PL: and are you frequently looking to materialize complex things like light or gravity, space, time?
TB: yes, absolutely, you?re trying to imbue the work with that sensory experience that one has, the interest to concretize, to make apparent, those kinds of qualities and without that being either demonstrative or didactic, but it being something that is cooperative or harnessing, with a sensitivity. So that it doesn’t just become about how beautiful refracted light can be (for example), rather, one is trying to work with the visuality and visibility and a sort of shading of recognition, of decipherment, of being able to give attention.
I try to allow mergers and a kind of morphing to play its hand. The work has to set up certain kinds of tensions at least in the way that one might view it. But its existence has to both appear and disappear ? that’s the cusp, the threshold. It?s more than the application of craft. It?s more than itself! And if it?s too strong and it?s only about material, then it may have failed. It needs to be about the possibility of changing the material, to still reach the same kind of awareness, then there?s a chance that it?s a good work. But that’s the paradox. The paradox is working so specifically with these material qualities and yet it?s not just about the material qualities. It?s the experience that it gives rise to and how it triggers some of those experiences as a piece of work that is really interesting. And it triggers it partly by sets of references, by allusions to things, by the playful rhythms of its formal make up, by the dance of light, by the viewer’s position in relation to the work, by the time of looking at the work, whether it?s the strength of the colour or whether it?s the mutating, or the shifting of shadows, it shifts time in a strange sort of way, because it?s not a linear narrative sort of time, it?s quite a different engagement, I think, than many of the other culturally available spaces of browsing, viewing, consuming, that are around.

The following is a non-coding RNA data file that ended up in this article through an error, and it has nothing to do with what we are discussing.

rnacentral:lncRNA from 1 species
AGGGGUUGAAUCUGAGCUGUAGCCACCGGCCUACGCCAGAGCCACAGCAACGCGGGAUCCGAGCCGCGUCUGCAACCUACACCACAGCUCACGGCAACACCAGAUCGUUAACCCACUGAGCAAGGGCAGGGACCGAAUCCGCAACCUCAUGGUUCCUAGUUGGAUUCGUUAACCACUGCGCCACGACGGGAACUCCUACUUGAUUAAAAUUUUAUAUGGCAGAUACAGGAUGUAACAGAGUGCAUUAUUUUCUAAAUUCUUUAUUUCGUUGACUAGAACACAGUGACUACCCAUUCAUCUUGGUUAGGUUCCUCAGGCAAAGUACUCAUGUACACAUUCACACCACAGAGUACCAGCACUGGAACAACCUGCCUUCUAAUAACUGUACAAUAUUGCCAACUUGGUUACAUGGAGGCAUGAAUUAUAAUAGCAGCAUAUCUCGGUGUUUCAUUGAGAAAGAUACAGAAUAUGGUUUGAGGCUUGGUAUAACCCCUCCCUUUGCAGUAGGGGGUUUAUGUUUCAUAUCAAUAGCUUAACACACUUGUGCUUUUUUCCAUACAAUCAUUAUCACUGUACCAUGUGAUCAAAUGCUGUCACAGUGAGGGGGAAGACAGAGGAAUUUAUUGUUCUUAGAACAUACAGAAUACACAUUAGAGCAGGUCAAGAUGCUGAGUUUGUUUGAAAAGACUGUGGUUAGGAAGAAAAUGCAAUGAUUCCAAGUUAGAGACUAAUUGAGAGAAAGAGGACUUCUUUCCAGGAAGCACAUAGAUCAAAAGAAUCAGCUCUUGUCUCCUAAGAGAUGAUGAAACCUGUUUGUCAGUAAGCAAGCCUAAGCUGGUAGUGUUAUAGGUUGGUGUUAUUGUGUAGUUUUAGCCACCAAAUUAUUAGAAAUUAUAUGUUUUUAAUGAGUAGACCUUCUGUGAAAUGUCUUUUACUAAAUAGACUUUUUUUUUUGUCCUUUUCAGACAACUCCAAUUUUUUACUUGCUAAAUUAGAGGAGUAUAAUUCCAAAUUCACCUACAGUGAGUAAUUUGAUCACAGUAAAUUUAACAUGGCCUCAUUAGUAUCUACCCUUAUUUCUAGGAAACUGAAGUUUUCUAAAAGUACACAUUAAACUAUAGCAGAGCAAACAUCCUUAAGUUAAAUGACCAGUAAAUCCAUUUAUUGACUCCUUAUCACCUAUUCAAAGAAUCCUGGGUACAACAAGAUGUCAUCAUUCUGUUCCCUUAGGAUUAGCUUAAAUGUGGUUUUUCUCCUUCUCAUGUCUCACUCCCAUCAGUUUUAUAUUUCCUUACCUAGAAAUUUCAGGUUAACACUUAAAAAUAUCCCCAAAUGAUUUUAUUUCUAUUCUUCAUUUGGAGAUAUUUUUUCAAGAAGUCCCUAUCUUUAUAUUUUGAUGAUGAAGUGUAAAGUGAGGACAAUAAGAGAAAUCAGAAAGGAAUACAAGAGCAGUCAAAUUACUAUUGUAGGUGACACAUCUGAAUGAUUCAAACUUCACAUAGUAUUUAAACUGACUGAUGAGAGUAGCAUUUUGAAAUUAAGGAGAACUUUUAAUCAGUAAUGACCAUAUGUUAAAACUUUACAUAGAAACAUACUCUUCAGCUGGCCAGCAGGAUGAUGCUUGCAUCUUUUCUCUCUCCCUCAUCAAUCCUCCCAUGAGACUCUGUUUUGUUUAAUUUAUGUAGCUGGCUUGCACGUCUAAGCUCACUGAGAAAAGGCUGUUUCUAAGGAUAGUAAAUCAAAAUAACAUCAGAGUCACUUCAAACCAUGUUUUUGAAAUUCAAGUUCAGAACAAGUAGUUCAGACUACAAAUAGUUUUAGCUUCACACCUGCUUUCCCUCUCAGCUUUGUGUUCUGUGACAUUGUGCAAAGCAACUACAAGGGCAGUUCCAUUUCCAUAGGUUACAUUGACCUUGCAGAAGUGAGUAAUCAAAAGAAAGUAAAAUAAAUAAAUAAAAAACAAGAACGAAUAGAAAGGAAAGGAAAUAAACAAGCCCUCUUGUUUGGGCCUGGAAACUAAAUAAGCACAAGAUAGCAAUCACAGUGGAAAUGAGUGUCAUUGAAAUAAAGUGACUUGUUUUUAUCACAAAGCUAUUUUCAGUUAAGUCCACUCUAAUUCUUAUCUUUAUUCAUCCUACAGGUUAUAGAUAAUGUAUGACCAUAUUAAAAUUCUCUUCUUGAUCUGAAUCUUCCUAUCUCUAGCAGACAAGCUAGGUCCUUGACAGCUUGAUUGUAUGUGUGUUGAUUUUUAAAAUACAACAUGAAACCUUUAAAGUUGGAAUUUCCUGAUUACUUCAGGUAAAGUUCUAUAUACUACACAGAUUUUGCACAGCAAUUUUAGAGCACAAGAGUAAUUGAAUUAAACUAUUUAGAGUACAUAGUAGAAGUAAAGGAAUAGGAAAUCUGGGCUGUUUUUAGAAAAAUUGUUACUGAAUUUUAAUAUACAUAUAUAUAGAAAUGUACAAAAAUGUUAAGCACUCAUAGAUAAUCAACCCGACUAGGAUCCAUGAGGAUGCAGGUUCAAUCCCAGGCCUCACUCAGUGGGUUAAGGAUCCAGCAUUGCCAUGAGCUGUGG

(Extract from an interview with Tom Benson by Pascale Lamche 30.X.14)
Tom Benson is a London based artist. He has curated exhibitions Mind Rhymes (Hidde Van Seggelen, 2013) and was a judge for the 2014 John Moores Prize for Painting. Recent solo exhibitions include Subject to Change (Hidde Van Seggelen, London, 2012), New Work (Concept Space, Shibukawa, 2010), New Work Noborimachi Space of Art, Hiroshima, 2010), Paintings (Larry Becker Contemporary Art, Philadelphia, 2009), and Paintings (The Field Institute, Raketenstation, Insel Hombroich, Neuss, 2008). In 2010 Benson’s fourth artist book, In Black & White, was published by Bedford Press and Offset Editions, London.